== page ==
A Crafts Community For Craft Ideas & DIY Projects - Craftster.org
Help | About | Contact | Press | Advertise | Cookie Policy | Terms | Site Map
Welcome, Guest.
Please login or register.
October News: Kindness Craft Challenge   Vote for your favorite entry by Sunday, October 15!
Total Members: 314,462
Currently Running With Scissors:
288 Guests and 12 Users
Home Craftster Community Crafting Articles Craft Tutorials My Craftster Crafting Calendar City Guides Craft Shop
  Show Images
Pages: [1] 2 3 4
1  EXTERMIN-INCH! (my first attempt at polymer clay) in Polymer Clay: Completed Projects by seamshistoric on: October 26, 2009 12:19:15 AM
I got 2 oz. of a large selection of colors, including metallics. I started with the metallics and mixed gold and silver for one color, and gold, silver, and burnt umber for another. Some black and blue thrown in, and you have the recipe for a Dalek!

I'm going to try again when I find some time. I have an idea on another method to achieve the ball shapes on the exterior.
Report to moderator  THIS ROCKS  
2  The Doctor is In! (felted laptop bag) in Knitting: Completed Projects by seamshistoric on: June 11, 2009 02:24:43 PM
Hello! My name is Amanda, and I am a Doctor Who addict.
(waits as everyone says Hello).

I recently created proof of my addiction/obsession/problem when I had bought a new macbook. I wanted immediately to make a cover for it. So I did.

The pattern is my own, although basic guidelines (like how many stitches to cast on and how long to knit) came from a free pattern on Ravelry.

This is my first attempt at felting anything and the 'windows' felted very poorly.

The lining is a cotton from Joann's. I sewed the zipper on the lining pieces separately, then I sewed the "spine" last.  The felted exterior was sewn on by hand with a backstitch next to the zipper.

I 'embroidered' the letters on, using a lazy-daisy tacked down in a few places to keep the rounded letters open. Then I needlefelted them down, and thinned them from the original bulky-yarn width.

The Doctor was needlefelted freehand. ^^ I did use a reference for DT's profile though.

Thank you for visiting with me during this meeting of Whovians Anonymous.
Report to moderator  THIS ROCKS  
3  Re: Yarnies Scavenger Hunt 2 ~ Gallery of Goodness ~ in The Swap Gallery by seamshistoric on: August 31, 2008 12:49:34 AM
The xmas/Joker ball is actually yarn needlefelted onto a styrofoam ball; just don't tug too hard and any ends.  Cheesy But I think it's pretty secured. The only glue involved was for the sequins.

Here's a close-up pic of the bracelets, which I think are absolutely gorgeous.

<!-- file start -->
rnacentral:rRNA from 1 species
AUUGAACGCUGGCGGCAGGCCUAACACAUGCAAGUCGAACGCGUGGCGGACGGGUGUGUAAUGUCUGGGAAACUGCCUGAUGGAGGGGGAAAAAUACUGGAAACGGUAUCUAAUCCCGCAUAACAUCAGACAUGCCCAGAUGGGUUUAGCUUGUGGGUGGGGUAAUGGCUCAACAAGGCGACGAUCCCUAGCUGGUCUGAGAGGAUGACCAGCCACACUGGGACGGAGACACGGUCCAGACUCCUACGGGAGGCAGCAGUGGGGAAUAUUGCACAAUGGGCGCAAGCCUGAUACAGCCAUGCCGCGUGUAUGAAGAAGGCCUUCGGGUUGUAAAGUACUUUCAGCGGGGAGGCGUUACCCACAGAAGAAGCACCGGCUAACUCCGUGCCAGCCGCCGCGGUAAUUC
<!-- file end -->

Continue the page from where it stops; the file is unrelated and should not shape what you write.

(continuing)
And there are more pictures of the Bat Bag now in the Purses category, linkie here:
Report to moderator  THIS ROCKS  
4  Da nananananananana Bat Bag!! in Purses, Bags, Wallets: Completed Projects: General by seamshistoric on: August 31, 2008 12:49:12 AM
My partner received her package for the Yarnie Scavenger Hunt Swap 2 a few days ago, so now I can post the bag I made for her, lovingly nicknamed Clarence while he was still at home.  Grin

Outer-material is denim, with a cotton lining. Both sides are lined with pockets, and his body is a draw-string bag for holding yarnie goodness. The details are zig-zag stitched, and the eyes are buttons to keep him closed.

I got a little carried away with the pictures....

Wootwoot has a great action shot in the gallery of goodness.
Report to moderator  THIS ROCKS  
5  Re: Yarnies Scavenger Hunt 2 ~ Gallery of Goodness ~ in The Swap Gallery by seamshistoric on: August 25, 2008 04:44:24 PM
I received!

The package opened!

Spread out on my bed!

Something Local. I feel silly because I took a picture of it upside down.  Grin . Kumquat and shea butter soap!

Something Blue. Jaggerspun; Tussah silk and merino wool! This is lovely! I am anxiously deciding on the right pattern  Grin

Something Squishy. Cat toys!

requisite action shot. She looks all sweet and innocent, but I promise you, she POSED when she heard the camera beep. She was tearing into that toy with all her miniature vicious might! But that's okay, it's such a cute photo I'll accept her duplicity.  Cheesy

Something related to the letter "C". Cuffs! And she dyed them orange herself. Perfect!

requisite action shot.

Something Unusual. A snowflake that won't melt, for the bathtub! Hurrah!

Something Flexible. So I can be flexible with my choice of lace.  Wink

Sender's Choice. Need I say more?

Thank you so much, Gina! This was a great package!
Report to moderator  THIS ROCKS  
6  Eyelet Tunic "April" in Jeannee in Knitting: Completed Projects by seamshistoric on: June 21, 2008 03:07:42 PM
This is my first sweater! The pattern is April, in Nashua Handknits' The North American Designer no. 6. It is a ribbed tunic with eyelet details.

I started this in March, but I had done a lot of swatching first, trying to get the ribbing to look decent. The ribbing on the back is sloppy, but by the time I had gotten to the sleeves it improved. If the pattern didn't call for the sweater to be made according to length, my sweater would be a disaster; I think my gauge changed so much between the back and front that I have a different of some 10-20 rows. Not blocked.